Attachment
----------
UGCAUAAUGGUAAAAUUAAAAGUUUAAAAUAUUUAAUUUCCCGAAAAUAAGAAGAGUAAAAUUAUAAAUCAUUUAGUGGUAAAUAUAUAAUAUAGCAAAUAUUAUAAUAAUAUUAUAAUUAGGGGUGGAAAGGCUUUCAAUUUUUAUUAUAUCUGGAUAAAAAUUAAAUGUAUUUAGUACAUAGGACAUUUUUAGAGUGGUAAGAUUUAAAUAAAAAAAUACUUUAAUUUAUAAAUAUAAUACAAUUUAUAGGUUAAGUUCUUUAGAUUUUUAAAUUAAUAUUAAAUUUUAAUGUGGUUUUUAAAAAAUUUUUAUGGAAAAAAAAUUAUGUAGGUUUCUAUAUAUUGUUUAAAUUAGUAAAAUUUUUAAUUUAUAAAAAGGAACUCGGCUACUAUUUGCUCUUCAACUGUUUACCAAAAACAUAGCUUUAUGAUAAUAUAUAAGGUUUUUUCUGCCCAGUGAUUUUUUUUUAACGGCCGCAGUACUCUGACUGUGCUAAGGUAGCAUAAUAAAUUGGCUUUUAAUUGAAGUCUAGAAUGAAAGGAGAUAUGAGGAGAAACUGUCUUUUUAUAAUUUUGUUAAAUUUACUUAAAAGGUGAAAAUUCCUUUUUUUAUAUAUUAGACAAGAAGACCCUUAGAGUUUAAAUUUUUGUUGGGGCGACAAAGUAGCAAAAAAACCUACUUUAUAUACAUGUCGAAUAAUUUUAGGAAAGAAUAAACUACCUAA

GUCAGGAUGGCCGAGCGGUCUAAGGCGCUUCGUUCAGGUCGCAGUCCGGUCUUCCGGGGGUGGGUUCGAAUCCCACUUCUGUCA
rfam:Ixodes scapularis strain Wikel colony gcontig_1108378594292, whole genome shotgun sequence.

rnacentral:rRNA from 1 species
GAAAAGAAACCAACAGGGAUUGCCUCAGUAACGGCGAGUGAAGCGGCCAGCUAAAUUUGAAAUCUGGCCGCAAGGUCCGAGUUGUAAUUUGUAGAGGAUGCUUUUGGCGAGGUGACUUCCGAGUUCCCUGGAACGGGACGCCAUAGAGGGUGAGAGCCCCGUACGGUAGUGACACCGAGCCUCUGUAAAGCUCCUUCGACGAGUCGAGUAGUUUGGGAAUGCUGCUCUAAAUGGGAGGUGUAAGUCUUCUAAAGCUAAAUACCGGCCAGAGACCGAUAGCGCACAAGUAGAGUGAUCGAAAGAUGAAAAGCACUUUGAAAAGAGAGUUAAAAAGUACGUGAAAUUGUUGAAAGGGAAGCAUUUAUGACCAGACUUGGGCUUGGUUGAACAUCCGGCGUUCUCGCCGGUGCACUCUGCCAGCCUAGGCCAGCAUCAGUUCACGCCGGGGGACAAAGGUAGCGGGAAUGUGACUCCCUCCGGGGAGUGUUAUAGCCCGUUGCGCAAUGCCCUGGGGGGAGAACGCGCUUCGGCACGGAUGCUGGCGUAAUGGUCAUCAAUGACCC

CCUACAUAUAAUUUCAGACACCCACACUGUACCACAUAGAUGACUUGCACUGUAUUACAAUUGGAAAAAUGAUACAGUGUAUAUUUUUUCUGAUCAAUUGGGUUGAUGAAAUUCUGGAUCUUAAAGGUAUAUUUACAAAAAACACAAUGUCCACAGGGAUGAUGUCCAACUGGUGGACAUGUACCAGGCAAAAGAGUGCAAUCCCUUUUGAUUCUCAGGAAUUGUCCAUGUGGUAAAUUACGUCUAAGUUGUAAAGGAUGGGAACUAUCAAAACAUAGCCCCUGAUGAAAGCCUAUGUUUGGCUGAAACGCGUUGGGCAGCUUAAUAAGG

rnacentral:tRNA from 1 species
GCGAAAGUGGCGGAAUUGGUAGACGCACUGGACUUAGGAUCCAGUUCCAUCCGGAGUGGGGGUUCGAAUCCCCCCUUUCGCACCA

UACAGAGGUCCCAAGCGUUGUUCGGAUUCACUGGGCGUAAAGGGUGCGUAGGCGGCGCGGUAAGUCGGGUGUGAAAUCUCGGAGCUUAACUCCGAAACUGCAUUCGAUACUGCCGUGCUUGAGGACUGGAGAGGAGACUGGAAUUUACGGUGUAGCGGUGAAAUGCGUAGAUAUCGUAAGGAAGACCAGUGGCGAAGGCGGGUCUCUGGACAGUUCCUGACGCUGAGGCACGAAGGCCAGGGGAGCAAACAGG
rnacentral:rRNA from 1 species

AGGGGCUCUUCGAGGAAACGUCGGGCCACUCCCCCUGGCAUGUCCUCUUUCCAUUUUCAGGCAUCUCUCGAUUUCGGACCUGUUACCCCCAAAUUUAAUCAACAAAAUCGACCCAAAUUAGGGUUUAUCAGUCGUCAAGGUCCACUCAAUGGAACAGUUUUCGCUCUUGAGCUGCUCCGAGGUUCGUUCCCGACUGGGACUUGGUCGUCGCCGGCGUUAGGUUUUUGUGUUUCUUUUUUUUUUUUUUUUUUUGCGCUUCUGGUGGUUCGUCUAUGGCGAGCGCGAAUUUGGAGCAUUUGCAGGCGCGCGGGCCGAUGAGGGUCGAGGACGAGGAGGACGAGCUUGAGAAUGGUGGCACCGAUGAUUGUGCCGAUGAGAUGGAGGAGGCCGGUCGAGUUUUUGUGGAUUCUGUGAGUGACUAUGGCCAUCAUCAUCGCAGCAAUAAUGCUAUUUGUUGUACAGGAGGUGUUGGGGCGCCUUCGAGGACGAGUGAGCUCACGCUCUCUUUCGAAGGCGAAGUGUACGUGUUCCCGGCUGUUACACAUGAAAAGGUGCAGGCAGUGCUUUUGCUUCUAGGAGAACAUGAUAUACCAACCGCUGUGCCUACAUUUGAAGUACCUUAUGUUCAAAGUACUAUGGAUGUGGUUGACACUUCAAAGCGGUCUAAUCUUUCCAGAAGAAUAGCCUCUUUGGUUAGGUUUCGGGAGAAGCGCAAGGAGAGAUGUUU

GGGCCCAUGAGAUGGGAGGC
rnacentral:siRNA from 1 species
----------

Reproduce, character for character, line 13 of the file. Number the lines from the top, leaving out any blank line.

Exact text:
rnacentral:siRNA from 1 species